Imaging Hardware

Astronomical Imaging Hardware

The latest technology often includes noise reduction and more sensitive sensors, making digital cameras very useful for some types of astrophotography. Canon, Sony and Nikon seem to be most-favoured by amateur astro-photographers.

Sony a7 III mirrorless digital camera and Sony/Zeiss telephoto lenses

My recent acquisition of the Sony a7 III mirrorless full-frame (24 megapixel) camera has been a revelation in how photographic hardware evolves in new and exciting ways. Although I initially justified this purchase for use while travelling since mirrorless cameras are lighter than traditional dSLRs, of course I had to try using it for night sky photography as well. Several useful features immediately became obvious:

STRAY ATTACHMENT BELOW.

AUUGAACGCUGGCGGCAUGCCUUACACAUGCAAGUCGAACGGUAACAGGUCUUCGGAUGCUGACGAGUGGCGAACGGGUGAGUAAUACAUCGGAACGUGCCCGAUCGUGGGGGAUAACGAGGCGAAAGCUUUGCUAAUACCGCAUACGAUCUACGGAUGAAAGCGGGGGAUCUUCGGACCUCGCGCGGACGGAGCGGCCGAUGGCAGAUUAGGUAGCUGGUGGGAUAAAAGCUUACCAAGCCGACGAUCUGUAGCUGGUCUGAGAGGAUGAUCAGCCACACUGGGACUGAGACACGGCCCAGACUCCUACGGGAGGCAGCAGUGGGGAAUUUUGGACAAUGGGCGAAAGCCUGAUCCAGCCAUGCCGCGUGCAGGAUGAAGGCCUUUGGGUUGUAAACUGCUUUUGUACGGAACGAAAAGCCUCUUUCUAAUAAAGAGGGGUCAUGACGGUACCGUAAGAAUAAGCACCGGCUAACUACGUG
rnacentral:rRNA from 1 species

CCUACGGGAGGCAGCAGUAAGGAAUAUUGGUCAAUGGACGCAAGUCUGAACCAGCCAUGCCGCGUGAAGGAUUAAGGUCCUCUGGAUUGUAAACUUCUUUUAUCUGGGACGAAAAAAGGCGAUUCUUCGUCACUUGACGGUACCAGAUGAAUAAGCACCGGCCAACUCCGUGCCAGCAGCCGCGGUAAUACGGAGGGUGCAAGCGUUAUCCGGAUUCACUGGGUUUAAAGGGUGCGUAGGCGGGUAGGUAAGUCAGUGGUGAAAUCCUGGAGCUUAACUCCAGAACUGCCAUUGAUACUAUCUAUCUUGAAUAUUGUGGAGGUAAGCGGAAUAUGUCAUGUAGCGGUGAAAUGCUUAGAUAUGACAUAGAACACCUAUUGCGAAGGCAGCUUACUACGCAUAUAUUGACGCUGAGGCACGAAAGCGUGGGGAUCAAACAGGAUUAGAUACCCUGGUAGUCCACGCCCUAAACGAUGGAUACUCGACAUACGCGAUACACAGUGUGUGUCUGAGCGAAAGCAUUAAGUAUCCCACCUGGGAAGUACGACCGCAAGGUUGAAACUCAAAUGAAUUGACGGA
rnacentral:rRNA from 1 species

• much lower noise at much higher ISO settings than the Canons
  • no mirror and a “silent” shutter means vibration is virtually eliminated
  • the large, high resolution, live view screen on the back of the camera is articulated, making it much easier to see images and it also supports touch functions
  • while the menu system is complex, it offers much more control over the camera functions useful for astrophotography
  • the bright, easy-to-see preview on the screen makes focusing and framing of dim astronomical objects so much easier than any other camera
  • multiple function buttons on the camera can be preset with functions useful for configuring the camera for various astrophotography scenarios
  • built-in intervalometer support, so no external controller is needed.

By design, mirrorless cameras are easier to adapt to using third-party lenses since the optical path no longer includes a reflex mirror. I use the Sigma MC-11 mount converter to use some of my Canon EOS lenses on the Sony a7 III. The Canon L-series lenses in particular offer excellent optics, and when used with the MC-11, most of Sony’s innovative features are functional. That said, I mainly use native Sony e-mount lenses, since ultimately, there is no substitute for premium, same-brand optics.